Sundance Film Festival Goes Gaga for Pro-Abortion Propaganda
Pro-abortion movies are all the rage at this year’s Sundance Film Festival, which is again being held virtually due to the Chinese coronavirus pandemic. The titles garnering buzz include two movies about the Jane Collective — the radical feminist organization in Chicago that provided illegal abortions for women during the 60s and early 70s — and the U.S. premiere of the award-winning French film The Happening.
Sundance has always pandered to Hollywood’s politically far-left elite, especially on issues like abortion. Some directors this year have taken a confrontational approach to the subject, with one going as far as to describe abortion as a “very simple medical procedure.”
But at least one filmmaker wasn’t interested in preaching to the choir. Director Phyllis Nagy said she screened her drama Call Jane for Trump supporters prior to the festival.
“I would show it selectively to people I knew to be conservatives in L.A. Yeah, they voted for Trump,” she told Indiewire. “And I knew we were onto something when those people would say, ‘That’s not what I was expecting.’ This movie allows you to focus on choice.”
Call Jane is a fictionalized account of the Jane Collective, with actress Elizabeth Banks playing a suburban wife who finds herself drawn into the underground organization. Sigourney Weaver co-stars as the group’s leader.
— IndieWire (@IndieWire) January 21, 2022
Nagy said she didn’t want her movie to be hectoring in tone.
“My personal challenge was to allow people to be entertained. Because I do believe that’s important, to have a sense of humor about it. And to keep people guessing in some way,” she told Indiewire. “Like, I didn’t want this to be predictable. It certainly does have a message. There is nothing wrong with that. But it is not a movie that insists you share the sentiment, necessarily.”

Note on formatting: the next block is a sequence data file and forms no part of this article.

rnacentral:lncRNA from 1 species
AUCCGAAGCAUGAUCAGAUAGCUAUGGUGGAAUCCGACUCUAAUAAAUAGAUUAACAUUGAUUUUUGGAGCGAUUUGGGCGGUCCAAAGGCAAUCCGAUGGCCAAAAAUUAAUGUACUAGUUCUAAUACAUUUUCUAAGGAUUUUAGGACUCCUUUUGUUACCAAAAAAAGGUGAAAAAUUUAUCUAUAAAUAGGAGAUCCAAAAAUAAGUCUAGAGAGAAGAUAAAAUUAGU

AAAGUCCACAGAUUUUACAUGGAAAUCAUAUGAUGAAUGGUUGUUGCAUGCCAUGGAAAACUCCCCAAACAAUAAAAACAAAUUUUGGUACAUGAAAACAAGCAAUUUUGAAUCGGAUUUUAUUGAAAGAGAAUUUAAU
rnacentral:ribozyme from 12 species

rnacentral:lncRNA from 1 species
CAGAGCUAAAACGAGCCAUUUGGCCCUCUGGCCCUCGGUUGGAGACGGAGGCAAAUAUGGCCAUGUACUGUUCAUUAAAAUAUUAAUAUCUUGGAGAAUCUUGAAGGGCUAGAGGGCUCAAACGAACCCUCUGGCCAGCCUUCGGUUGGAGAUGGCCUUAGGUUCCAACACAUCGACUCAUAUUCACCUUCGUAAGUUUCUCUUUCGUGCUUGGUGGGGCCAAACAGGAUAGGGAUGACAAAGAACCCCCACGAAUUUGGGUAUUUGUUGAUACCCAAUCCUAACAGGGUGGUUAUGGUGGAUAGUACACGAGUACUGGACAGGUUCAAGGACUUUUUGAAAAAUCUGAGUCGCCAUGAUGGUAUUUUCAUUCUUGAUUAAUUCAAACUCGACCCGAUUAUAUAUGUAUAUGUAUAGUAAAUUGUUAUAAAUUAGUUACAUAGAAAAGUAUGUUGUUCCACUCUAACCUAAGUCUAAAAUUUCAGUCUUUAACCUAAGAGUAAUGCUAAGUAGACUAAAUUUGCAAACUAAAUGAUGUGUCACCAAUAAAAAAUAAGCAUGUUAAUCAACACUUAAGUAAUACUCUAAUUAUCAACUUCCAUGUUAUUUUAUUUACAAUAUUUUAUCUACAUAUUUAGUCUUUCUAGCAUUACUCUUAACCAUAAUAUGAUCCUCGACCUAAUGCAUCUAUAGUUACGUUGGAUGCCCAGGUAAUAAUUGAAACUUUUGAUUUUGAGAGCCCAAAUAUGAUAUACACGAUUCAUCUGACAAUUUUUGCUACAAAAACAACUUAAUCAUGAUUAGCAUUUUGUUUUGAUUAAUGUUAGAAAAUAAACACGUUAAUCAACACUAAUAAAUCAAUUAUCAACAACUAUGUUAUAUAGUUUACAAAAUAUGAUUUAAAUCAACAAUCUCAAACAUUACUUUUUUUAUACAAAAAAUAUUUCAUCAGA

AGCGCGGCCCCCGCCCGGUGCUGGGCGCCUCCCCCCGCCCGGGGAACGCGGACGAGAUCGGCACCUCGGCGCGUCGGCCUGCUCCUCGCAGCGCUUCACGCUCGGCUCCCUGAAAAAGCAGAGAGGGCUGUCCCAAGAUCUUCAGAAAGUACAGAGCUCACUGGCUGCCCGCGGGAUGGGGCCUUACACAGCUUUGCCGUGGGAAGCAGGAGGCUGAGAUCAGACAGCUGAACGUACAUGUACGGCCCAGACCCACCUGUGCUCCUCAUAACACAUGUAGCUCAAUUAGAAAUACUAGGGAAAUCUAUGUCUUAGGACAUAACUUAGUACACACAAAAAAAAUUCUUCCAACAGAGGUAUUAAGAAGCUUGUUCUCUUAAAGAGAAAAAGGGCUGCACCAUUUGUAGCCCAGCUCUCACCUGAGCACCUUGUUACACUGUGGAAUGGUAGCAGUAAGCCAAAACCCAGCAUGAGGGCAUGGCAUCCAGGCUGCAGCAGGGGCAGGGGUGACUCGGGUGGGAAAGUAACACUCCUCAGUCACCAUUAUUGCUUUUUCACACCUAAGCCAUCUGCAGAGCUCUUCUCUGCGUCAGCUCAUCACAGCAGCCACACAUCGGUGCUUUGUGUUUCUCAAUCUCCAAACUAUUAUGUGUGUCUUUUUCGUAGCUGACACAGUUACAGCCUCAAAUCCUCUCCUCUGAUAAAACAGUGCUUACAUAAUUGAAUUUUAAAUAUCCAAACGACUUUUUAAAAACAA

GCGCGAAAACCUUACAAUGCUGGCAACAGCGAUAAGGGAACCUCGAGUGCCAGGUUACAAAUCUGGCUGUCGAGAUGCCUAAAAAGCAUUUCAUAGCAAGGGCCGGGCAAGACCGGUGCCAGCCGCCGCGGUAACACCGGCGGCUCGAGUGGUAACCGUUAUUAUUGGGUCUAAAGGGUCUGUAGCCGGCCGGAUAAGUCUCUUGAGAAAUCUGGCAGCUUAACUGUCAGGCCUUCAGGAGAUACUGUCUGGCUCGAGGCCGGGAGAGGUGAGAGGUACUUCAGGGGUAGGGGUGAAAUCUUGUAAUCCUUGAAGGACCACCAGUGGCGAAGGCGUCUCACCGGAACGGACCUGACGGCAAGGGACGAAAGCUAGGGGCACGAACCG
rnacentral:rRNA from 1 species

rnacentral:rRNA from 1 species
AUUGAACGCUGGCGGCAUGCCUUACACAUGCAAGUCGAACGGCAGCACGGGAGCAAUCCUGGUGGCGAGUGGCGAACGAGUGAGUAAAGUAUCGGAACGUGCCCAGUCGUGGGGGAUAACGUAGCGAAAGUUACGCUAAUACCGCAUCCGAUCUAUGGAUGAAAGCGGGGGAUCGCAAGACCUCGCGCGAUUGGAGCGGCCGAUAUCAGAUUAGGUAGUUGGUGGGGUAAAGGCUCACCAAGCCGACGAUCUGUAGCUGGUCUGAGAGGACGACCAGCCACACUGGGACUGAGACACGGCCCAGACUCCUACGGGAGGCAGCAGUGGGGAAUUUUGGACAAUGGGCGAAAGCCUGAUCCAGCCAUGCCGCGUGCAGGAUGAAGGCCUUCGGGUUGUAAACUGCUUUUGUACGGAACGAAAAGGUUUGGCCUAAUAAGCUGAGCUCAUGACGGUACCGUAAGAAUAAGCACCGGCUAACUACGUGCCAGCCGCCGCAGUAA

More blunt in its approach is the documentary feature The Janes, which comes from HBO, with a release date to be announced. One of the movie’s directors, Tia Lessin, helmed the 2013 movie Citizen Koch, about the Koch brothers.
Lessin told Deadline that she has long been interested in what she called “abortion rights and reproductive justice.” She also called abortion a “very simple medical procedure.”
‘The Janes’ Tells “Brave, Exciting” Story Of Women Who Formed Clandestine Abortion Network, Before Roe V. Wade – Sundance Studio https://t.co/qky5uOuwfP
— Deadline Hollywood (@DEADLINE) January 26, 2022
“It’s unconscionable that women would have to risk their lives to get a very simple medical procedure and to take control of their destiny, really,” she said.
The French film The Happening is also at Sundance in advance of its U.S. theatrical release by IFC Films this year. As Breitbart News reported, the film, which won the top prize at last year’s Venice Film Festival, is set during the 60s and tells the story of a female college student who discovers that she is pregnant but can’t get an abortion due to French laws at the time.
The movie follows her increasing desperation as she seeks help from the hostile or indifferent people in her life, before eventually visiting an illegal abortionist.
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